If each line item should be suspended, the workflow 1000 proceeds as follows. The workflow 1000 sets the active document header (Act 1022) which copies the header information from the asset into the suspension order. The workflow 1000 also copies each currently active line item from the asset into the suspension order (Act 1024). The workflow 1000 then creates and activates the suspension document with the active asset line items copied into the order (Act 1026) and sets the due date for suspension of the line items (Act 1028). The suspension order is thereby communicated to downstream systems for processing, such as the billing system and provisioning system.
Similar processing occurs for a resume order. The workflow 1000 sets the active document header (Act 1030). The workflow 1000 thereby copies the header information from the asset into the activate order. The workflow 1000 also copies each currently suspended line item from the asset into the activate order (Act 1032). The workflow 1000 then creates and activates the active document with the suspended asset line items copied into the order (Act 1034), and also sets the due date for carrying through the resumption of each line item (Act 1036).
In some implementations, the workflow 1000 supports suspension of one or more line items simultaneously with re-activation of one or more line items, in the same order. In that case, the workflow 1000 may also set the suspended delta document (Act 1038), then merge the line items for suspension and the line items for re-activation (Act 1040). In other words, at Act 1038, the workflow 1000 retrieves a list of line items to be suspended (e.g., retrieves the suspend copy of the order). The list of line items to be suspended is merged into a list of line items to be re-activated (e.g., merged into the active copy of the order) in Act 1040 to create one list with both suspensions and re-activations.
Alternatively, the workflow 1000 may process only suspensions or re-activations in one order. When the workflow 1000 processes only suspensions or re-activations in one order, the Acts 1038 and 1040 may be omitted.
The workflow 1000 continues by generating unique identifiers for each line item in the activate document or suspension document (Act 1042). The activate document or suspension document, currently held in memory, is then stored in the customer care database 124 (Act 1044). The workflow 1000 then ends.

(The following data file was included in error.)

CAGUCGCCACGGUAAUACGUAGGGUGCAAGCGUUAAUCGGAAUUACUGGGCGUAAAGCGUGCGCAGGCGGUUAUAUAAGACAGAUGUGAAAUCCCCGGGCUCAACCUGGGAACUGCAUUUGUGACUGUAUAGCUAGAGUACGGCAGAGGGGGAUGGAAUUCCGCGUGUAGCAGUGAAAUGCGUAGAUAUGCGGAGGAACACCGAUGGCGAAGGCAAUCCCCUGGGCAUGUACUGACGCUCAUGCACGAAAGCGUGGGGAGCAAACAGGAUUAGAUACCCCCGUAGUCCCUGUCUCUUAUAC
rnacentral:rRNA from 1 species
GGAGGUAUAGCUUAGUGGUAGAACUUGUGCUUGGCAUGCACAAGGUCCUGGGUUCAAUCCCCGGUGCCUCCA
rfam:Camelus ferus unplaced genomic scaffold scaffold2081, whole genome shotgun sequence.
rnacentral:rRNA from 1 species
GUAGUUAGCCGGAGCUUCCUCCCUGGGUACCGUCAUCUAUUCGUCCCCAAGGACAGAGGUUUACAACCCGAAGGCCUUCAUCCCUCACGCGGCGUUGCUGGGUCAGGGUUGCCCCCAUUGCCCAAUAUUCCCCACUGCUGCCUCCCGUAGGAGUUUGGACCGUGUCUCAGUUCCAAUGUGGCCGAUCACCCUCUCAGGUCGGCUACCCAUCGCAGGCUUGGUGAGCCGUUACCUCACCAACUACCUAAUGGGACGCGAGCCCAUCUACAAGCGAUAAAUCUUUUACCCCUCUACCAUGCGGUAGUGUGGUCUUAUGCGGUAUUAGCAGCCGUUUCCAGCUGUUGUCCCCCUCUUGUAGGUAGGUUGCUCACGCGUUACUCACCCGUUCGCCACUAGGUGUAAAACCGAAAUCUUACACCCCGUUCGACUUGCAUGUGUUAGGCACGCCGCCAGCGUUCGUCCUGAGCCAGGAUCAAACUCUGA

When the customer care system 1000 receives the dunning action requests, the customer care system 1000 initiates a batch processing script to update the customer account record with dunning action (e.g., ‘Suspend’), dunning status (e.g., ‘Waiting for Processing’), and dunning date (Act 1106). The customer care system 102 thereby synchronizes the customer record in the customer care system 102 with the dunning analysis and recommended dunning action determined in the dunning system 104.
The customer care system 102 may automatically implement the dunning action requests. Alternatively, the customer care system 102 may first obtain dunning operator input regarding whether or not to accept the pending dunning action on the customer account (Act 1108). If a ‘Lock’ is applied to the customer account, then the customer care system 102 communicates the customer billing account dunning status to downstream systems (Act 1110) such as the dunning system 104 or other support systems 106. If a ‘Lock’ is not applied to the customer account, then the customer care system 102 may initiate suspend/terminate/resume workflows which implement the dunning action request. For example, the customer care system 102 may initiate execution of the workflows 700, 800, 900, and 1000 to suspend, terminate, or resume a customer account.
In particular, when the dunning action request is to Suspend the customer account, the customer care system 102 initiates execution of a suspend workflow to implement the Suspend action request (Act 1112). The customer care system 102 also communicates the resulting Suspended status to one or more downstream systems (Act 1114). When the dunning action request is to Terminate the customer account, the customer care system 102 initiates execution of a terminate workflow to implement the Terminate action request (Act 1116). The customer care system 102 also communicates the resulting Terminated status to one or more downstream systems (Act 1118). A Resume request causes the customer care system 102 to communicate an Acquired status for the customer account to downstream systems (Act 1120) and to initiate a resume workflow to implement the Resume request (Act 1122). The customer care system 102 thereby maintains centralized control over the customer account, while integrating the dunning system 104 and support systems 106 into the end-to-end architecture.
Once the provisioning system has acknowledged suspension of each line item and has acknowledged processing the entire order, the customer care system 102 communicates with the billing system. In particular, the customer care system informs the billing system that each asset line item has been suspended (Flow 1216-1218). In addition, the customer care system 102 further informs the billing system that the customer account as a whole is suspended (Flow 1220-1222).
The dunning system 104 also receives a message that the customer account is suspended (Flow 1220-1224). As shown in
Accordingly, the customer care system 102 is integrated under one architecture with the dunning system 104. The customer care operator has more complete knowledge of the complete customer account picture, and may be additionally informative and able to assist a customer who calls with questions. Furthermore, the dunning system 104 no longer operates in isolation, but shares the appropriate dunning action requests with the customer care system. The dunning operator in the customer care system may then exercise control over the processing of the dunning action requests, allowing the customer care system to retain centralized control over the customer account.